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Yellow-breasted Chats

Sunday, October 31, 2010

Next, New-York Historical Society's Curator of Drawings Roberta Olson pulled out the yellow-breasted chats. Oh, how did she know how I loved that painting? It was exquisite—the depth and delicacy of the nest in particular.  Not to question the master, but I’m not sure he’s got the proportions right—the female chat seems to be buried in her nest. Chats do build a big, bulky nest but she looks quite swallowed up by this construction. Nevertheless…look at the ring of rosies around that exquisite nest. Nests are very difficult to do well. This one, aside from the proportions, is irreproachable.

Here's a photo by my patient friends Richard and Susan Day that shows chats with their nest. It's a big, deep nest, but not perhaps quite as big around or deep as Audubon showed it. 
Photo courtesy of Richard and Susan Day, Daybreak Imagery
Roberta said that this work is one of her favorites, too, for the way that Audubon tells the whole story of courtship and nesting in one painting. Of course male chats would not be displaying right over an occupied nest, but she said she thinks of it more in a comic-strip way, that Audubon is telling the story of the male’s courtship, which culminates in a nest with the male feeding his mate as she incubates their eggs. You’ll see that in another painting, coming up.

Roberta pointed out that the belly-up male chat does not appear in the final print. Audubon got a lot of flak from ornithologists of the day for his exuberant poses, which he got from the living birds, as well as from the birds he wired to his drawing board. Having lived with breeding chats around our yard for 18 years, I can attest that they do fling themselves up into the air when they start their butterfly display flight. How frustrating it must have been for Audubon to have to tone down what he knew to be right and true, in order to satisfy an audience that was both more conservative and less experienced than he.

 I had a lovely ink drawing of an American redstart, flinging itself up into the air after a leafhopper, that was rejected by the ornithologist for whose species account I drew it, because “redstarts never do that.” Oh. How odd that an ornithologist would employ the word “never” when referring to the movements of our most acrobatic and agile warbler. I’ve seen redstarts fling themselves straight up, straight down in a flurry of wings and tail, turning themselves inside out—whatever it takes to catch the insect. But however much the artist grumbles, the client is always right, so I did another drawing.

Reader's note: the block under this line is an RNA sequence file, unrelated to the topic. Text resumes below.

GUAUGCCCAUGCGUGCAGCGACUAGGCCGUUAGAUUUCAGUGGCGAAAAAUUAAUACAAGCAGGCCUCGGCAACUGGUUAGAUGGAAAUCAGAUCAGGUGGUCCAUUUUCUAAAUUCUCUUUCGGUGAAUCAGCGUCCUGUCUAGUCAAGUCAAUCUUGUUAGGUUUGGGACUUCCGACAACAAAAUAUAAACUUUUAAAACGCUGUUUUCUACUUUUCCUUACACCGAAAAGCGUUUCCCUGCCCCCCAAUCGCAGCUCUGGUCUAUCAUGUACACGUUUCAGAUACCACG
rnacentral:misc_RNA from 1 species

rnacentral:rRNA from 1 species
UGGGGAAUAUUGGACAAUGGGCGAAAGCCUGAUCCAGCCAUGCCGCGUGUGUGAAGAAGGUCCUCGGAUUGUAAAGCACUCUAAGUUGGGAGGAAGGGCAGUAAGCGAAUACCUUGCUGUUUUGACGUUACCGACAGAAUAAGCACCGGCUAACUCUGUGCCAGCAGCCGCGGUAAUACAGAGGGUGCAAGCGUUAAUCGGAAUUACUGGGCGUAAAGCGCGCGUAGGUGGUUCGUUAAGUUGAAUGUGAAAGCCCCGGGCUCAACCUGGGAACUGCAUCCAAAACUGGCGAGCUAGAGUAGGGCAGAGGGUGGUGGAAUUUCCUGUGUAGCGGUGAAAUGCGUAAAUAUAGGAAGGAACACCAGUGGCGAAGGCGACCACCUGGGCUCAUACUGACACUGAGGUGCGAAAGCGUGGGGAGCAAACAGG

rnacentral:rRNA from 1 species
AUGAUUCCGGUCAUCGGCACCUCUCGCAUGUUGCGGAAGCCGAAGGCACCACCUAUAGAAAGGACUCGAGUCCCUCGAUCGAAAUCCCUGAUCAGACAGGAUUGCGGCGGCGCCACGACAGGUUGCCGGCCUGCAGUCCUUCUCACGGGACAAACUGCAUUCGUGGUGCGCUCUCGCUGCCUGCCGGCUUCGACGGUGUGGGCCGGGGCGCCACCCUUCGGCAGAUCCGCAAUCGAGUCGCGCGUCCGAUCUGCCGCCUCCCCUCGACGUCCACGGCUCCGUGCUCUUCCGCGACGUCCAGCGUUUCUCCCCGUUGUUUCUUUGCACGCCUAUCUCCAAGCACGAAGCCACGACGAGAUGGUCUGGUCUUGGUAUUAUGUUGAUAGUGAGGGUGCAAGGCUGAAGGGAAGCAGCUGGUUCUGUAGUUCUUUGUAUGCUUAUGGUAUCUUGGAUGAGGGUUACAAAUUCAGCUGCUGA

Chats are one of my very favorite songbirds. Their cacophony of sounds always makes me chortle and wonder about their sanity... as they no doubt wonder about mine, when I try to imitate them.

I was watching a ruby crowned kinglet picking bugs out of an autumn olive. He would put his wings out across the branches, stretch forward and seemingly "surf" the bush to capture his prey. I was amazed, but managed to get only a few blurry images as it was early morning and we were in the shade.

I have no doubt that Adubon was right, as you were about your redstart. Too often those who think they know everything quickly dismiss anything they haven't seen themselves. Just ask Jane Goodall about that! I myself don't think it wise to ever say never when it comes to our winged and furred friends.

Love this post--exquisite painting, photo and ink sketch. Most of all I enjoyed the discussion of "never", a word easily flung about but seldom accurate. Every day can bring a new observation, especially when you're seeing the behavior of a familiar species with fresh eyes.

One thing that birds will teach you is to never say never. Marvelous drawing you made. I am sure Mr Audubon would be appreciate your efforts.

Love it! Observation trumping "expertise"! Dueling experts! Contradictory literature! I'd love to read or write a whole book on the topic. Most of all I love stories of scientists tipped off by "local farm boys" of some unusual animal behavior that leads to a "great discovery" (sort of like Columbus "discovering" America)!

I came across a peculiar controversy over which of a tadpole's arms pops out first: left or right. Watched and watched (through a binocular microscope) until I think I have an answer: that it's USUALLY the left -- because the opening for the gills on that side makes it easier -- but not ALWAYS. Experts: am I right? :-)

Too bad I wasn't your client! I saw my first American redstart this fall; it was throwing itself around our silver maple in puruit of bugs. I actually though there was something wrong with it until I read about its behaviour (clearly not an account written by your client). Anyway, your picture pretty much captures my redstart experience.

Oh, the Yellow-breasted Chat: The one bird we failed to see on a birding trip to Ohio a few years ago. It's still at the top of my "must-see" list. Guess I'll have to go back to Ohio!

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